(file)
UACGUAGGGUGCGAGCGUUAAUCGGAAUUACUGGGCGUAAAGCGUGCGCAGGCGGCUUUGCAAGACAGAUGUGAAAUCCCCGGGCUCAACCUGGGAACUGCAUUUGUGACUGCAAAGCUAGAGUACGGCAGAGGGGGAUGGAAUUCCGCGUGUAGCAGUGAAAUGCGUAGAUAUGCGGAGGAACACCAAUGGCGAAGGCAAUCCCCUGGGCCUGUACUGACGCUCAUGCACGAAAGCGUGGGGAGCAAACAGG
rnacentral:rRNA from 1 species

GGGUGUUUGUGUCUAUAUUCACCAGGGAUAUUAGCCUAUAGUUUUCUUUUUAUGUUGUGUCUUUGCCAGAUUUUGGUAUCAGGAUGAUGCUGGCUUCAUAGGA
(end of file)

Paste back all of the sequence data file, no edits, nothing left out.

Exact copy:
UACGUAGGGUGCGAGCGUUAAUCGGAAUUACUGGGCGUAAAGCGUGCGCAGGCGGCUUUGCAAGACAGAUGUGAAAUCCCCGGGCUCAACCUGGGAACUGCAUUUGUGACUGCAAAGCUAGAGUACGGCAGAGGGGGAUGGAAUUCCGCGUGUAGCAGUGAAAUGCGUAGAUAUGCGGAGGAACACCAAUGGCGAAGGCAAUCCCCUGGGCCUGUACUGACGCUCAUGCACGAAAGCGUGGGGAGCAAACAGG
rnacentral:rRNA from 1 species

GGGUGUUUGUGUCUAUAUUCACCAGGGAUAUUAGCCUAUAGUUUUCUUUUUAUGUUGUGUCUUUGCCAGAUUUUGGUAUCAGGAUGAUGCUGGCUUCAUAGGA